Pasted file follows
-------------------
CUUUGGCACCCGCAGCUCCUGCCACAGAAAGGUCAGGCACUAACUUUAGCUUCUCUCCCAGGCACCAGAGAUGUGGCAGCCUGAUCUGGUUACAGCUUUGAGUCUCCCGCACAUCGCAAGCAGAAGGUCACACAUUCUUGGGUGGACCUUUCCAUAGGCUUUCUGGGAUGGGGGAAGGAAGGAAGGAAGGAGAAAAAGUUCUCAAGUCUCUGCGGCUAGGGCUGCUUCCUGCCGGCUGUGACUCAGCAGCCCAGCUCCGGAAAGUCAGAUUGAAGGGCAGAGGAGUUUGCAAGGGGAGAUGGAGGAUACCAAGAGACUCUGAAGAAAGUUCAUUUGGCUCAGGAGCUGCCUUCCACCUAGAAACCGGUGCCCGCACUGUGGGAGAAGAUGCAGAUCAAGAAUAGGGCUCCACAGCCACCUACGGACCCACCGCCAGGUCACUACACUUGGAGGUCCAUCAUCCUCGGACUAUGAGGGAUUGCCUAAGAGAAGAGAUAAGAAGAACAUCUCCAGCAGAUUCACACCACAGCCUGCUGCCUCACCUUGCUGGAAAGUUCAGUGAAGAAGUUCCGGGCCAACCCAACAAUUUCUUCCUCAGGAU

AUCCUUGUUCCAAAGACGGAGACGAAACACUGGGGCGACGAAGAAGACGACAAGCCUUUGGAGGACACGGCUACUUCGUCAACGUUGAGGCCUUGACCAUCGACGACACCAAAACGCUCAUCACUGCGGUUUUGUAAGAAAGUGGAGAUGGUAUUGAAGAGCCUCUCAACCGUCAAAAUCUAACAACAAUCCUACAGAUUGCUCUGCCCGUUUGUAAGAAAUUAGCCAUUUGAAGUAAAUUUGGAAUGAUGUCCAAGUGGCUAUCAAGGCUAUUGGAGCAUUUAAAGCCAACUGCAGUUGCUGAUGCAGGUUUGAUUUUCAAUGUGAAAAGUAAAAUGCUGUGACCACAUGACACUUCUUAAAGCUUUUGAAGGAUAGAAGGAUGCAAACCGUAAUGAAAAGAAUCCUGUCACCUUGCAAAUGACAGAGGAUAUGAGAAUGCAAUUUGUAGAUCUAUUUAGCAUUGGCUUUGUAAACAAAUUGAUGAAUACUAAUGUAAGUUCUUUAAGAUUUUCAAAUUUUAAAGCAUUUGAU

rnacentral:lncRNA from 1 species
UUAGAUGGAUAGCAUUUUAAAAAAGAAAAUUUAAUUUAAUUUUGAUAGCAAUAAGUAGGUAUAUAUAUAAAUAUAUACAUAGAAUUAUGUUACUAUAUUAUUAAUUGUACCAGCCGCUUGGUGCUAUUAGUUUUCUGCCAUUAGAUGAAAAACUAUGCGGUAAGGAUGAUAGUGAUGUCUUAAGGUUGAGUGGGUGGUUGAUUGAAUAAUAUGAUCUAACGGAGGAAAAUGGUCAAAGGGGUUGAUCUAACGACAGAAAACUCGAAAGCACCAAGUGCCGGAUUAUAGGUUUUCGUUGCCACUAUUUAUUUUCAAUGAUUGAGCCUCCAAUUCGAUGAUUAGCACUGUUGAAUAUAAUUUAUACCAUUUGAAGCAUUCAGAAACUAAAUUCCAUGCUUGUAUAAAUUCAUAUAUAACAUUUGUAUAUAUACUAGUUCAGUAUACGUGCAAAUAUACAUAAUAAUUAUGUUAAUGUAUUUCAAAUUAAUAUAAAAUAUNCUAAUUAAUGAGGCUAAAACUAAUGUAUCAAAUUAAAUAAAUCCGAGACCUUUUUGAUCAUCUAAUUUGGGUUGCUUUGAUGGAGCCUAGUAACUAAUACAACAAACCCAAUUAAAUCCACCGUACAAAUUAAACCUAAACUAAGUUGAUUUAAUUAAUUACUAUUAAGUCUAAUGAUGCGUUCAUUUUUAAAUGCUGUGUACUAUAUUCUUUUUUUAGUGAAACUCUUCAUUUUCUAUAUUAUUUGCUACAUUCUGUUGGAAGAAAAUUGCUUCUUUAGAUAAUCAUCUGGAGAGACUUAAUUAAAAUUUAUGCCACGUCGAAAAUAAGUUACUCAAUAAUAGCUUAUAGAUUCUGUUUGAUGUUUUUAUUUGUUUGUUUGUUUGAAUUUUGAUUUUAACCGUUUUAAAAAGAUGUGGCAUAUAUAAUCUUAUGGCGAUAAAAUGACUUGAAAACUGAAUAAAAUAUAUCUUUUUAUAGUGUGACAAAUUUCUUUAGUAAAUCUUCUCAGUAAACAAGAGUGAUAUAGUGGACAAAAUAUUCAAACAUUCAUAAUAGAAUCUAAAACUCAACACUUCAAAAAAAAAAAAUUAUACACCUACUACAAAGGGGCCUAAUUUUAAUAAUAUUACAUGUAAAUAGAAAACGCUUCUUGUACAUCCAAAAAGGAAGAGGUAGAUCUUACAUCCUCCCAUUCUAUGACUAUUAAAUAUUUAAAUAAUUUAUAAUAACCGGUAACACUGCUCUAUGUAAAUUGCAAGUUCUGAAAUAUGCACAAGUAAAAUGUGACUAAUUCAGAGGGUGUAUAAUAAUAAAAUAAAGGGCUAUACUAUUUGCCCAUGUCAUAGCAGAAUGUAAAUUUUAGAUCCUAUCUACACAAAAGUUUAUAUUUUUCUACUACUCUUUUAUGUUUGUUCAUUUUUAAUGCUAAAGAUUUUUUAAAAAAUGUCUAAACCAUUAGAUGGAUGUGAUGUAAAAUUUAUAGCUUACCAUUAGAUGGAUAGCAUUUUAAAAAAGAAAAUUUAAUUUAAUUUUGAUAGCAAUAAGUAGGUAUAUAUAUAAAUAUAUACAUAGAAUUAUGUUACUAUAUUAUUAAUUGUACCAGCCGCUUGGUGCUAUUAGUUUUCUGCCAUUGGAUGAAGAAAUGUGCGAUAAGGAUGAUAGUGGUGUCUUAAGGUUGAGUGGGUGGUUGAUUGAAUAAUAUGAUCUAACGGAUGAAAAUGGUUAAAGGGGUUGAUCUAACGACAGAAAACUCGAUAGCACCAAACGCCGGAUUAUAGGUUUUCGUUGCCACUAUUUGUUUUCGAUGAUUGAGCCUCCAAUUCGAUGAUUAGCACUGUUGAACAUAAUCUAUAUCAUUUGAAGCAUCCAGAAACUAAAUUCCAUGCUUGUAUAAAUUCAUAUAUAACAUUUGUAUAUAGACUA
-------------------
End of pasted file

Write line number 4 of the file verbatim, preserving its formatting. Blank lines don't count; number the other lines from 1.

UUAGAUGGAUAGCAUUUUAAAAAAGAAAAUUUAAUUUAAUUUUGAUAGCAAUAAGUAGGUAUAUAUAUAAAUAUAUACAUAGAAUUAUGUUACUAUAUUAUUAAUUGUACCAGCCGCUUGGUGCUAUUAGUUUUCUGCCAUUAGAUGAAAAACUAUGCGGUAAGGAUGAUAGUGAUGUCUUAAGGUUGAGUGGGUGGUUGAUUGAAUAAUAUGAUCUAACGGAGGAAAAUGGUCAAAGGGGUUGAUCUAACGACAGAAAACUCGAAAGCACCAAGUGCCGGAUUAUAGGUUUUCGUUGCCACUAUUUAUUUUCAAUGAUUGAGCCUCCAAUUCGAUGAUUAGCACUGUUGAAUAUAAUUUAUACCAUUUGAAGCAUUCAGAAACUAAAUUCCAUGCUUGUAUAAAUUCAUAUAUAACAUUUGUAUAUAUACUAGUUCAGUAUACGUGCAAAUAUACAUAAUAAUUAUGUUAAUGUAUUUCAAAUUAAUAUAAAAUAUNCUAAUUAAUGAGGCUAAAACUAAUGUAUCAAAUUAAAUAAAUCCGAGACCUUUUUGAUCAUCUAAUUUGGGUUGCUUUGAUGGAGCCUAGUAACUAAUACAACAAACCCAAUUAAAUCCACCGUACAAAUUAAACCUAAACUAAGUUGAUUUAAUUAAUUACUAUUAAGUCUAAUGAUGCGUUCAUUUUUAAAUGCUGUGUACUAUAUUCUUUUUUUAGUGAAACUCUUCAUUUUCUAUAUUAUUUGCUACAUUCUGUUGGAAGAAAAUUGCUUCUUUAGAUAAUCAUCUGGAGAGACUUAAUUAAAAUUUAUGCCACGUCGAAAAUAAGUUACUCAAUAAUAGCUUAUAGAUUCUGUUUGAUGUUUUUAUUUGUUUGUUUGUUUGAAUUUUGAUUUUAACCGUUUUAAAAAGAUGUGGCAUAUAUAAUCUUAUGGCGAUAAAAUGACUUGAAAACUGAAUAAAAUAUAUCUUUUUAUAGUGUGACAAAUUUCUUUAGUAAAUCUUCUCAGUAAACAAGAGUGAUAUAGUGGACAAAAUAUUCAAACAUUCAUAAUAGAAUCUAAAACUCAACACUUCAAAAAAAAAAAAUUAUACACCUACUACAAAGGGGCCUAAUUUUAAUAAUAUUACAUGUAAAUAGAAAACGCUUCUUGUACAUCCAAAAAGGAAGAGGUAGAUCUUACAUCCUCCCAUUCUAUGACUAUUAAAUAUUUAAAUAAUUUAUAAUAACCGGUAACACUGCUCUAUGUAAAUUGCAAGUUCUGAAAUAUGCACAAGUAAAAUGUGACUAAUUCAGAGGGUGUAUAAUAAUAAAAUAAAGGGCUAUACUAUUUGCCCAUGUCAUAGCAGAAUGUAAAUUUUAGAUCCUAUCUACACAAAAGUUUAUAUUUUUCUACUACUCUUUUAUGUUUGUUCAUUUUUAAUGCUAAAGAUUUUUUAAAAAAUGUCUAAACCAUUAGAUGGAUGUGAUGUAAAAUUUAUAGCUUACCAUUAGAUGGAUAGCAUUUUAAAAAAGAAAAUUUAAUUUAAUUUUGAUAGCAAUAAGUAGGUAUAUAUAUAAAUAUAUACAUAGAAUUAUGUUACUAUAUUAUUAAUUGUACCAGCCGCUUGGUGCUAUUAGUUUUCUGCCAUUGGAUGAAGAAAUGUGCGAUAAGGAUGAUAGUGGUGUCUUAAGGUUGAGUGGGUGGUUGAUUGAAUAAUAUGAUCUAACGGAUGAAAAUGGUUAAAGGGGUUGAUCUAACGACAGAAAACUCGAUAGCACCAAACGCCGGAUUAUAGGUUUUCGUUGCCACUAUUUGUUUUCGAUGAUUGAGCCUCCAAUUCGAUGAUUAGCACUGUUGAACAUAAUCUAUAUCAUUUGAAGCAUCCAGAAACUAAAUUCCAUGCUUGUAUAAAUUCAUAUAUAACAUUUGUAUAUAGACUA